As the saying goes, it takes a village to raise a child. Yet, for families with children battling illnesses, that phrase has a special meaning.
For example, look no further than the parents of Justine Jao, who from an early age suffered from uncontrollable seizures, or epilepsy.
“Being first-time parents, we didn’t know what we needed,” her dad said. “Now that we were parents of a child with special needs, we were overwhelmed with the amount of information we needed to know.”
Accessing quality healthcare
Getting Justine the medical care she needed was her parents’ highest priority. Her dad explained that, after her birth, Justine was transferred to Lurie Children’s Hospital of Chicago, where doctors diagnosed her early on with the genetic disorder KCNQ2 encephalopathy. In Justine’s case, doctors knew exactly what medications to prescribe in order to manage her rare diagnosis.
“Having such a knowledgeable medical team eased our minds, knowing that Justine was in good hands,” her dad said.
Justine’s dad noted the hospital staff also offered them information on how to tend to Justine’s health after her hospital stay.
“With a full staff of therapists — occupational therapy, physical therapy, feeding, and more — they told us what we should expect with early intervention and how to navigate that system,” he said.
Finding financial assistance
The next question for the Jao family was how they’d pay for all this care. Indeed, having a child with special needs can take a significant financial toll — one systematic review, published in September 2015 in Epilepsia, found that estimated epilepsy-specific costs ranged from $1,022 to $19,749 per person, per year. Because children with epilepsy often have additional health problems, total healthcare costs for these people can be even higher, ranging from $10,192 to $47,862.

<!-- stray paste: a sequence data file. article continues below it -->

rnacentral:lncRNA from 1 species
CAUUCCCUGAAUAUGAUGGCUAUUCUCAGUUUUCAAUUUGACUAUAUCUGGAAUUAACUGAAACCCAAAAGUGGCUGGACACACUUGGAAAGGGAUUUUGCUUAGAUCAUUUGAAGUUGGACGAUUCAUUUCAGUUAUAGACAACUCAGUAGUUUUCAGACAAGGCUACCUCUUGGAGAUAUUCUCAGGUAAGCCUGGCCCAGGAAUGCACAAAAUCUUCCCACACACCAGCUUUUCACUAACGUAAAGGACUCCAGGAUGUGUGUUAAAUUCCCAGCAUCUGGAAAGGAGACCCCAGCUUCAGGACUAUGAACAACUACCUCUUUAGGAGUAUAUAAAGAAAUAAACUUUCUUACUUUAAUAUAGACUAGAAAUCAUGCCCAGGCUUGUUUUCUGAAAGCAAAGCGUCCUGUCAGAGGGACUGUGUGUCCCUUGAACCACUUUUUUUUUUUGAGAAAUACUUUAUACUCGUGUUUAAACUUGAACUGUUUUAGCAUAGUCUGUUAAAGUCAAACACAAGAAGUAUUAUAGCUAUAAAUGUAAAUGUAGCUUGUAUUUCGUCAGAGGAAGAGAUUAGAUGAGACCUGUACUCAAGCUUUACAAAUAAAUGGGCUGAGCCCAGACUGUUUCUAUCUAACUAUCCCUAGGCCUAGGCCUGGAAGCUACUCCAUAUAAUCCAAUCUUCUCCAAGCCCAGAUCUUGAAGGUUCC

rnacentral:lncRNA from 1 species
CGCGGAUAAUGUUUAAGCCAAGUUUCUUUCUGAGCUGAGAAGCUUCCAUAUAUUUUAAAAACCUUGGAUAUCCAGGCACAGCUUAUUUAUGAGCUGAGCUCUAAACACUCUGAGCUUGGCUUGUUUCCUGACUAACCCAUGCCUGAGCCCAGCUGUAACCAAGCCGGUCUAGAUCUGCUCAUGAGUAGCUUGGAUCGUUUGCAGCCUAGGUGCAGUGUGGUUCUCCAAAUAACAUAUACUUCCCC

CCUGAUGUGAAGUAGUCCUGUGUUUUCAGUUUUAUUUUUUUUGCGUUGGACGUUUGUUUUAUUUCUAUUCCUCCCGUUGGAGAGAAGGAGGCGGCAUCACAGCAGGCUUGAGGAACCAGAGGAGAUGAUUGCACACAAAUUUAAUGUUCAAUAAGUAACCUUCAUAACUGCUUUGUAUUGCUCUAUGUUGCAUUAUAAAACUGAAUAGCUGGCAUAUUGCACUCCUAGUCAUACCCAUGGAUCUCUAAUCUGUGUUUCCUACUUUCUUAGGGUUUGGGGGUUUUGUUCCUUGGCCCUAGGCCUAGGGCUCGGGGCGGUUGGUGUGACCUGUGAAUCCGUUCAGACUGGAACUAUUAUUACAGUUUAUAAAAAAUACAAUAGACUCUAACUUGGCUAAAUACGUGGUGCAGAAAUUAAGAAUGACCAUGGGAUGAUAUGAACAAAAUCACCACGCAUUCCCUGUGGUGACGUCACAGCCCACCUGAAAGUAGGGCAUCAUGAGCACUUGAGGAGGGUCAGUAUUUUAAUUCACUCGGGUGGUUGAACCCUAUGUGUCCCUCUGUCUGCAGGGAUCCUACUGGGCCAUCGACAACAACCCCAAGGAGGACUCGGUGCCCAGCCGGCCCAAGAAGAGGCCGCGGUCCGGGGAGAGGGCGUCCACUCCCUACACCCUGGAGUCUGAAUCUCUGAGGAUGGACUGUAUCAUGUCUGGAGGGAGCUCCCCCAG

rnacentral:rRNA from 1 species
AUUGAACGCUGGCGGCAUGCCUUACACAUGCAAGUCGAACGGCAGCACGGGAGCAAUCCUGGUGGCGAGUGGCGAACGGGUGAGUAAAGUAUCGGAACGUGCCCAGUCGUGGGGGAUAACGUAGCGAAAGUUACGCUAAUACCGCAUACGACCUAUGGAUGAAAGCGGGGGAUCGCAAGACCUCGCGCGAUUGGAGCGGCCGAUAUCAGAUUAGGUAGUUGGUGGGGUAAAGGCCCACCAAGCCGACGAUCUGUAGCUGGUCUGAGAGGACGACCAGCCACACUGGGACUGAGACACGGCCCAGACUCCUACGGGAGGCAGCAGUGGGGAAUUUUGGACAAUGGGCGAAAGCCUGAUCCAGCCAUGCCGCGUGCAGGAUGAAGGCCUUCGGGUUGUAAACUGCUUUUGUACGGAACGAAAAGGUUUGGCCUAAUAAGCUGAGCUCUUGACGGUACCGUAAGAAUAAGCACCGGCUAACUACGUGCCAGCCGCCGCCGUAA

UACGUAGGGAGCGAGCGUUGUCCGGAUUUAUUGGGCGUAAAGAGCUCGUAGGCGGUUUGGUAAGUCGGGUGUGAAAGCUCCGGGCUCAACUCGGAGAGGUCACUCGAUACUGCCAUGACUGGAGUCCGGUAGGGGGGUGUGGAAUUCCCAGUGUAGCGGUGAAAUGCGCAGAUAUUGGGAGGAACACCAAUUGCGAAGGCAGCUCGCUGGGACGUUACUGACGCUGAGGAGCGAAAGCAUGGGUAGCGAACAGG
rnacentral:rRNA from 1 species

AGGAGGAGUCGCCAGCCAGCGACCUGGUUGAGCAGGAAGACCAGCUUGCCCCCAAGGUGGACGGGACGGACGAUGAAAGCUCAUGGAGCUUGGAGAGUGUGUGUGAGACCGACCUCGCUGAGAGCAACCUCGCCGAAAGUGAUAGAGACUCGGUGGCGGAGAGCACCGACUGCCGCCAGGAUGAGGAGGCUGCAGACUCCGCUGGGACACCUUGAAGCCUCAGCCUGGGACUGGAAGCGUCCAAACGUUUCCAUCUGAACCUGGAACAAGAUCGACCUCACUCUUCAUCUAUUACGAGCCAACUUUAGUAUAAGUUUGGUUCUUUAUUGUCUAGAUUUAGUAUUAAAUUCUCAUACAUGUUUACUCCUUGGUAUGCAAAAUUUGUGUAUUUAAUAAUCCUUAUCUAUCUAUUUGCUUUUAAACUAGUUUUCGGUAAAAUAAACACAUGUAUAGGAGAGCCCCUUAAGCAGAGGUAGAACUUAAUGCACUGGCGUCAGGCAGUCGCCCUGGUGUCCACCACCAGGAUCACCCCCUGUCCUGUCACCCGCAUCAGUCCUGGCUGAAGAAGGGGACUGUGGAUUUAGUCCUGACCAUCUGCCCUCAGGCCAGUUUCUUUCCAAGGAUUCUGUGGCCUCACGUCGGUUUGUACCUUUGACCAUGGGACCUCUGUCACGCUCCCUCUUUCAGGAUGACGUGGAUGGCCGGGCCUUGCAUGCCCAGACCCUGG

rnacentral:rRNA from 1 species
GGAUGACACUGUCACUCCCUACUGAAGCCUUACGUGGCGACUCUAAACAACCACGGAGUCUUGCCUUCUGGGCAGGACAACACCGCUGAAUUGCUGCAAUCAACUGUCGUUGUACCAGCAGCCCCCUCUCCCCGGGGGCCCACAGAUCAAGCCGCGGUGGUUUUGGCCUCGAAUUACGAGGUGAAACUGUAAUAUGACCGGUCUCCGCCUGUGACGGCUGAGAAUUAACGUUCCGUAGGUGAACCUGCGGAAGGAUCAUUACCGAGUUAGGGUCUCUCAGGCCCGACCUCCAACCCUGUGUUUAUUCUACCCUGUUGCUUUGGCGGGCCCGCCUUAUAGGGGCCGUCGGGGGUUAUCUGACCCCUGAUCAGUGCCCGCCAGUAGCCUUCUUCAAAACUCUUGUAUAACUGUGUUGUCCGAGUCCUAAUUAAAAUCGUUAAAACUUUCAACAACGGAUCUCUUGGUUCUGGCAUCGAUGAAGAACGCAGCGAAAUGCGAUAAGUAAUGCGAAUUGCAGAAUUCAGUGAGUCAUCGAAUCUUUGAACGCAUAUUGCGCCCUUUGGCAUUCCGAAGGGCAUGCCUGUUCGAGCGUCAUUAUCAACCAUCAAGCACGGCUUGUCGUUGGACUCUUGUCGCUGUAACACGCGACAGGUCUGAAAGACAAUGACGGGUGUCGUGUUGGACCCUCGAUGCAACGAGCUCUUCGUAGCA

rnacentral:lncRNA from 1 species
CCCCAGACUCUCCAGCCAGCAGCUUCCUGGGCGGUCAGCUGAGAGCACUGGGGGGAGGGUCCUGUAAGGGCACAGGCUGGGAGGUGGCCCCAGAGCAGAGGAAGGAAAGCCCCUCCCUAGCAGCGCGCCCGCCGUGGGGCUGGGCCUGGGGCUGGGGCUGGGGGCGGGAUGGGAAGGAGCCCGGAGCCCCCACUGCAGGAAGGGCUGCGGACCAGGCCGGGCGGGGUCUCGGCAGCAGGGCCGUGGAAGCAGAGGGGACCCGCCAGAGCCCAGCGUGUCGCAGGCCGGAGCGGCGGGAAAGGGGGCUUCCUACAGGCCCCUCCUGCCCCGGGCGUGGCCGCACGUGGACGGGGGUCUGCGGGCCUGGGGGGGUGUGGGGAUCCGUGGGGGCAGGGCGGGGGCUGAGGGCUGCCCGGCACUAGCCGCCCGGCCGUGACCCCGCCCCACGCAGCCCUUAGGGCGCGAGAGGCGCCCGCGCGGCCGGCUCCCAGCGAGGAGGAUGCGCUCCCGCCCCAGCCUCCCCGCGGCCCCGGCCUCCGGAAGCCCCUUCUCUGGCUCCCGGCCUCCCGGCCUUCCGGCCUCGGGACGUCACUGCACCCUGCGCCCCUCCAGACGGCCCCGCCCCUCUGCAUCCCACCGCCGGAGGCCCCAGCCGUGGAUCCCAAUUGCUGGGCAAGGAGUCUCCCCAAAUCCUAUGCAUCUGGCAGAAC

Justine’s mother’s insurance helped cut the family’s out-of-pocket costs — particularly for the 47 days Justine spent in the NICU, along with her medications and follow-up visits. Her father’s company was also supportive of the cause, helping collect money to cover Justine’s medical bills.
“At that time, there was no paternity leave at my company,” he said, “but I worked with HR to start my short-term disability benefits to ensure that I would have a job to come back to.”
Leveraging community support
Some of the most beneficial support the Jao family received came from a nonprofit with resources available globally, Ronald McDonald House Charities, which helped the family pay for lodging and food — reducing their one- to two-hour travel time home, and alleviating the mental tax of planning meals.
“Knowing that we were only a few blocks away from Justine at any moment gave us the chance to step away from all of the medical terminology and beeping monitors,” her dad said, “and just gave ourselves the mental-health breaks we so desperately needed.”
Melinda Carter, [email protected]